Cooney elaborates, saying “you can clean a headset all you want; it doesn’t stop people passing along germs. Because we all touch things and our faces. All. The. Time.” Only time will tell how much this situation will change visitor habits permanently.
5) Checks upon entry
If government regulations require it, attractions may have to have a full-body disinfection station at the entrance. But attractions could theme these; museums could make it similar to an immersive art experience, whilst theme parks can brand them to suit the theming of the park.
Bob Iger has said that he is looking to China and how their attractions are reopening. He stressed that Disney is preparing for “a world where our customers demand that we scrutinize everybody” so guests feel safe when entering the parks.
Many attractions are likely to introduce some sort of temperature or health check upon entry. One of the safety procedures parks may introduce after COVID-19 could be the addition of thermal imaging cameras at attraction entrances to scan for high temperatures.
At some Chinese attractions, guests must present a green QR health code before being allowed to enter.
Before it closed in early April, Universal Studios Singapore had increased health and safety procedures at the park. Visitors had to fill out an online Health and Travel Declaration Form to signal that they were healthy before entering the ticket booths or park gates.
It is likely that guests will have to wear a face mask to enter an attraction. Theme parks could provide masks with characters or rides on to encourage people, especially children, to wear them. Similarly, museums could print artwork or famous artefacts on masks. Zoos and aquariums could hand out animal-themed masks. Human 2.0 has launched a line of quality face masks with a high Bacterial Filtration Efficiency (BFE) of 95%.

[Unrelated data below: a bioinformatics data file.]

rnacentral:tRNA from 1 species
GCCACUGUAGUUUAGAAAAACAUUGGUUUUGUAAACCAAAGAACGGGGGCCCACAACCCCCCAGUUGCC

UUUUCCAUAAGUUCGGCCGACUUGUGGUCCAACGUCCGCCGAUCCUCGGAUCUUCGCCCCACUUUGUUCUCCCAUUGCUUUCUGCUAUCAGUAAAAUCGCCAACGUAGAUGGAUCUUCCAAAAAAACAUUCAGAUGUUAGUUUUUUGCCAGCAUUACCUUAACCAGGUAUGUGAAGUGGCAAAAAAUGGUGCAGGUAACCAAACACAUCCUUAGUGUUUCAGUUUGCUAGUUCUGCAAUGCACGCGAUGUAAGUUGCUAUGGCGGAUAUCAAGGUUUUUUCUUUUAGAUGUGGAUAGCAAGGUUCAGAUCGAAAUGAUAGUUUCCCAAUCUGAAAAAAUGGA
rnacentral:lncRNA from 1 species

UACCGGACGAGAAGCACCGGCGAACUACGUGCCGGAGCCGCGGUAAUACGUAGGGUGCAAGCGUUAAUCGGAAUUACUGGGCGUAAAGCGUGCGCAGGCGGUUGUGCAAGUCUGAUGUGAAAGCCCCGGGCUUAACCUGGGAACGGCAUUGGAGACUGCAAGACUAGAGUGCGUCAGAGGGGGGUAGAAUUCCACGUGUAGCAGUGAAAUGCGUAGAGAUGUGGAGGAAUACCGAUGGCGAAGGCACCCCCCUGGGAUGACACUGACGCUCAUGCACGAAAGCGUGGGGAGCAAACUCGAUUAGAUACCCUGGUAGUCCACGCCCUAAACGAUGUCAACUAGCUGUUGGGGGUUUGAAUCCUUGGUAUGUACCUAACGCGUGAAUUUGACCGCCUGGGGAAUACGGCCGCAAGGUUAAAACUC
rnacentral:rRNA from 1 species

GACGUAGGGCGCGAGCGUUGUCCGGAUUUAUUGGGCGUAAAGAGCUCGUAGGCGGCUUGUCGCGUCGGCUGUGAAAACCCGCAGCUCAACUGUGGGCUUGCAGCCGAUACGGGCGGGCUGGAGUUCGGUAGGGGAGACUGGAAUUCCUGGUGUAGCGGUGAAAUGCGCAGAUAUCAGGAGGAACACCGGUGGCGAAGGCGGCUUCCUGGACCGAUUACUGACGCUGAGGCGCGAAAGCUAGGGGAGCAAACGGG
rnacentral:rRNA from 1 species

6) Allowing for social distancing
Even if opening at limited capacity, visitors will still have to maintain appropriate social distance. Ride queues may need to be marked out so people do not come into close contact with each other. Alternatively, rides may transition to virtual queues to avoid crowds altogether.
Museums may need to mark out two metres in exhibition spaces to help people stay aware of social distancing rules. Restaurants and cafes could similarly move tables to create more space between visitors.
As an extra safety procedure, theme parks may not fill rides to full capacity immediately after COVID-19. Riders could fill every other row for example. To limit interaction between people who did not go to the park together, single rider queues could be closed.
Zoos and aquariums will also have to rethink their offerings. Many have continued educating visitors on social media by live streaming animal feedings. But this may not happen in person for a while. This is because public feeding sessions draw crowds.